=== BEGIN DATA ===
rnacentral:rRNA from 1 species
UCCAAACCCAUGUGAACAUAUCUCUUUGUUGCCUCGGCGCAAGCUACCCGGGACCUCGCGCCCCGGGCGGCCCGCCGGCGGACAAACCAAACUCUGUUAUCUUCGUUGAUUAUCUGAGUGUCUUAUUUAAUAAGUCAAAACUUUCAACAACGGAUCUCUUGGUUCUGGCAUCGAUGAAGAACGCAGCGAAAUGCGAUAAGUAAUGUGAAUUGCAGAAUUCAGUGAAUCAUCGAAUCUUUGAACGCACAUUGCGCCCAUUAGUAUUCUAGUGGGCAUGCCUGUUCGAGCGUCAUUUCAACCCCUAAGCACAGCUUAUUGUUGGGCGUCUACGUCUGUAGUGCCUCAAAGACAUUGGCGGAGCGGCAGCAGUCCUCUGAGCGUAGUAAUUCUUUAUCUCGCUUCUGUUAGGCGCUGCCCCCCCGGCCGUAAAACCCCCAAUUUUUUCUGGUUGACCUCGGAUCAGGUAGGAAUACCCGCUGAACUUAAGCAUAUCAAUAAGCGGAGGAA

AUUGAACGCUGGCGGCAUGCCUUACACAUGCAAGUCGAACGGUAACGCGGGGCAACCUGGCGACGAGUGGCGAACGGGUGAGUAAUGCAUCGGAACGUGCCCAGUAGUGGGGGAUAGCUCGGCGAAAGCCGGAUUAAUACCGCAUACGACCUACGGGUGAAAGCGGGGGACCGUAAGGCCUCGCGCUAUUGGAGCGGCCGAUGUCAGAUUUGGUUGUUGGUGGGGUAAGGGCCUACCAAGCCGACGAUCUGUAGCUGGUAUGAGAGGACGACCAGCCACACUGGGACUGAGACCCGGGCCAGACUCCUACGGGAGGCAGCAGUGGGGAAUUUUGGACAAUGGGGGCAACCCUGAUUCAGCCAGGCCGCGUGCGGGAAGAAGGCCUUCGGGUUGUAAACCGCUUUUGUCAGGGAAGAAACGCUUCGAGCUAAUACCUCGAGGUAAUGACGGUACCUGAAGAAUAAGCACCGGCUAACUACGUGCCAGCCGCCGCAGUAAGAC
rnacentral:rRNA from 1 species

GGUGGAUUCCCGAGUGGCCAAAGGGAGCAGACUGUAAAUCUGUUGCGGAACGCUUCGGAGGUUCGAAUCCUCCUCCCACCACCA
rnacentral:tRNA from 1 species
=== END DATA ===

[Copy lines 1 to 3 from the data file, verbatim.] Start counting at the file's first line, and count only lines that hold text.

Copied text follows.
rnacentral:rRNA from 1 species
UCCAAACCCAUGUGAACAUAUCUCUUUGUUGCCUCGGCGCAAGCUACCCGGGACCUCGCGCCCCGGGCGGCCCGCCGGCGGACAAACCAAACUCUGUUAUCUUCGUUGAUUAUCUGAGUGUCUUAUUUAAUAAGUCAAAACUUUCAACAACGGAUCUCUUGGUUCUGGCAUCGAUGAAGAACGCAGCGAAAUGCGAUAAGUAAUGUGAAUUGCAGAAUUCAGUGAAUCAUCGAAUCUUUGAACGCACAUUGCGCCCAUUAGUAUUCUAGUGGGCAUGCCUGUUCGAGCGUCAUUUCAACCCCUAAGCACAGCUUAUUGUUGGGCGUCUACGUCUGUAGUGCCUCAAAGACAUUGGCGGAGCGGCAGCAGUCCUCUGAGCGUAGUAAUUCUUUAUCUCGCUUCUGUUAGGCGCUGCCCCCCCGGCCGUAAAACCCCCAAUUUUUUCUGGUUGACCUCGGAUCAGGUAGGAAUACCCGCUGAACUUAAGCAUAUCAAUAAGCGGAGGAA

AUUGAACGCUGGCGGCAUGCCUUACACAUGCAAGUCGAACGGUAACGCGGGGCAACCUGGCGACGAGUGGCGAACGGGUGAGUAAUGCAUCGGAACGUGCCCAGUAGUGGGGGAUAGCUCGGCGAAAGCCGGAUUAAUACCGCAUACGACCUACGGGUGAAAGCGGGGGACCGUAAGGCCUCGCGCUAUUGGAGCGGCCGAUGUCAGAUUUGGUUGUUGGUGGGGUAAGGGCCUACCAAGCCGACGAUCUGUAGCUGGUAUGAGAGGACGACCAGCCACACUGGGACUGAGACCCGGGCCAGACUCCUACGGGAGGCAGCAGUGGGGAAUUUUGGACAAUGGGGGCAACCCUGAUUCAGCCAGGCCGCGUGCGGGAAGAAGGCCUUCGGGUUGUAAACCGCUUUUGUCAGGGAAGAAACGCUUCGAGCUAAUACCUCGAGGUAAUGACGGUACCUGAAGAAUAAGCACCGGCUAACUACGUGCCAGCCGCCGCAGUAAGAC